A still further advantage may be gained by use of the system illustrated in FIG. 2 for managing of the process. FIG. 2 shows a system 10 for use in commercialisation of an invention in accordance with an embodiment of the present invention. The system 10 includes a computer database 12, which is in data communication with a computer processor 14. The processor 14 includes a data input device 16, such as a keyboard and mouse, and a data output device 18, such as a printer. A second computer processor 20 having a second data input device 22 is also in data communication with the computer database 12. The data communication between the computer processors 14, 20 and the database 12 may be via direct connections, or may take place over a public or private computer communications network, such as the internet.
  • [0112]
    The database 12 contains a number of data entries each representing a template for a document which may be used in implementation of the present method. For example, the database 12 may include templates for project plans, business plans, monthly reports, licence agreements, company formation documents, and the like.
  • [0113]
    When a stage of the method is reached which requires preparation of a document, the appropriate template is retrieved from the database 12 by a user of the first computer processor 14. The template may be requested by means of a web-browser type interface to permit selection of an appropriate template. The template may then be edited by means of the input devices 16 to add or remove relevant sections such that the template is in a suitable form for use in the particular project. The edited document may then be printed in hard copy using the printer 18, or forwarded directly to other participants in the project, using the second processor 20.
  • [0114]
    Alternatively, templates which are being edited may remain stored on the computer database 12. This allows multiple users to access and amend the document in a single session. Thus, for example, the project manager may be accessing a template for use in development of the product using the first processor 14, while the inventor monitors the amendments using the second processor 20. Since the two processors are in data communication, the inventor may send comments to the project manager using, for example, a conventional email or chat system, as any amendments to the template are made.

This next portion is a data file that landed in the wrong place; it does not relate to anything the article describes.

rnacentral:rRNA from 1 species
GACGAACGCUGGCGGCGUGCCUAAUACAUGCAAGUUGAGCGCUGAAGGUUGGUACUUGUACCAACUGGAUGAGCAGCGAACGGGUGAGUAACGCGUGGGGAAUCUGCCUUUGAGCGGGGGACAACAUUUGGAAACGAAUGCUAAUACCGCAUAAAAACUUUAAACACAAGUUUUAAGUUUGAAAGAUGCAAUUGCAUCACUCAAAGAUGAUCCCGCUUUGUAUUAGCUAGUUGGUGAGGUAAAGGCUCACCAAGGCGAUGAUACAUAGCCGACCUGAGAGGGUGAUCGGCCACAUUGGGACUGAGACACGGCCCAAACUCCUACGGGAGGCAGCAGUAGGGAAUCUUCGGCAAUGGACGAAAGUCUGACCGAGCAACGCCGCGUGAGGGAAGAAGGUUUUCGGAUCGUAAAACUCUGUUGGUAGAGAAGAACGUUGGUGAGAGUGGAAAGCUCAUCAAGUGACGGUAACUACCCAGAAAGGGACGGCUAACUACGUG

• [0115]
    It will be understood that multiple terminals may be connected simultaneously to the database, to permit many users to contribute to the preparation of a document. Further, where the completed documents are retained on the database 12, users may subsequently access the documents should it be necessary to refer to them.
  • [0116]
    In certain embodiments of the system, each document or template may be security protected, such as by means of a user authentication system or the like, and users may be permitted access only to certain of the documents or templates depending on their role within the project team. For example, patent attorneys may be given access only to patent documents and product development documents; while investors may be permitted to access the business plan. Users may also be restricted in their permission to edit templates, if they will not generally need to create documents.
  • [0117]
    Thus, use of this system to implement the commercialisation method permits multiple parties to work together to develop the spin out company without the need for face to face meetings. This results in greater involvement for all parties throughout the process, and in cost savings since fewer physical meetings are necessary.
  • [0118]